Mark Templin, a retiree from Montana, has been awarded $60,000 damages, after wrongly being told he had terminal brain cancer and just six months to live. Templin had sold his possessions, held a 'final' birthday party and bought a funeral package. However, when he started to feel better he went for more tests. At that point it emerged that he didn't have cancer at all.
He has been awarded the sum to repay expenses and provide compensation. But he is far from the only person to have been a victim of this sort of misdiagnosis.
According to local paper, The Independent Record, Templin had gone into hospital in January 2009 because he was suffering chest pains, and he had a stent inserted. Weeks later he was having headaches and problems with his memory, vision and speech.
He had a CT scan, which Dr Patrick Morrow of Fort Harrison VA Medical Center said showed a brain abnormality which could be a brain tumour, stroke or something else. The radiologist recommended further tests. However, Morrow met with the hospital board later that day and presented the case as a strong suspicion of brain cancer.
According to The Daily Mail, Morrow told the trial that he advised further tests, but these did not show on Templin's medical records. He was prescribed medication for brain cancer, ordered to go into a hospice, and his family were told he would die.
In the following months he gave up his job, sold his truck, held a 'last' birthday party, and bought a funeral package.
However, when he started feeling better he left the hospice and went for further tests - which revealed he did not have cancer.
The judge said: "It is difficult to put a price tag on the anguish of a man wrongly convinced of his impending death." He added: "Mr Templin lived for 148 days ... under the mistaken impression that he was dying of metastatic brain cancer."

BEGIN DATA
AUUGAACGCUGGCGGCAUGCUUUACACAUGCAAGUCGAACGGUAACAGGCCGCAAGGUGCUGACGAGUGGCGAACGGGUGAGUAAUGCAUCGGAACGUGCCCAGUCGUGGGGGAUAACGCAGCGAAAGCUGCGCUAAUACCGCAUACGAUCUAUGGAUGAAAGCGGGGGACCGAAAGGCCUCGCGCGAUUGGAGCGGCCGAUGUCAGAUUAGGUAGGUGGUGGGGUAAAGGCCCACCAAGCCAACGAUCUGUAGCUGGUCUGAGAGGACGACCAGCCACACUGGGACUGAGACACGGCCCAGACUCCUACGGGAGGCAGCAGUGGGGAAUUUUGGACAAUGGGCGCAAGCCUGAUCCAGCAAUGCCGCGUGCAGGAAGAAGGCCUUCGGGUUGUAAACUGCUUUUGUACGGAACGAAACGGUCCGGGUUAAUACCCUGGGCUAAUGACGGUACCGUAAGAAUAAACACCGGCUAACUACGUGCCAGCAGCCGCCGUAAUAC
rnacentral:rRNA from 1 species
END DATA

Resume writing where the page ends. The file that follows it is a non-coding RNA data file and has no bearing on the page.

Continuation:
He awarded him $500 a day for the period when he believed he was drying of brain cancer, and $300 a day for the period between discovering it wasn't cancer and finding out it was a series of small strokes that had affected him. He also had the cost of the party and funeral paid. He received a total of $59,820.
It's a horrifying tale, but what's even more horrifying is that he is far from alone in suffering a cancer misdiagnosis.
In the UK in 2007, 72-year-old Doreen Nicholls was diagnosed with cancer in her leg. She had it removed below the knee to stop it spreading. It was only after the operation that tests revealed there was no cancer in her leg. She received a six-figure compensation payment.
In 2009, a 45-year-old mother of two from the South West of England was incorrectly diagnosed with fatal liver cancer and told she had months to live. She had suffered breast cancer five years earlier and after a CT scan was given the diagnosis. In fact, she had a non-cancerous growth - which she only learned a month later. She took a year to come to terms with what happened, and received a settlement of £6,000 from the NHS Trust.
Then there was the 67-year-old who was diagnosed with stomach cancer in 2004. The pensioner, from Rugeley in Staffordshire, was given what she thought was life-saving surgery, to remove her stomach. It was only after the operation she learned that the tumour was benign and her stomach had been removed needlessly. She received an out of court settlement from Mid Staffordshire General Hospitals NHS Trust.
In each case there were different circumstances, with different doctors interpreting results of tests incorrectly, or failing to carry out sufficient tests before giving a diagnosis.
In each case, the victims said that no amount of money could make up for the mistake.
10 of the biggest consumer rip-offs
$60k for man wrongly told he had terminal cancer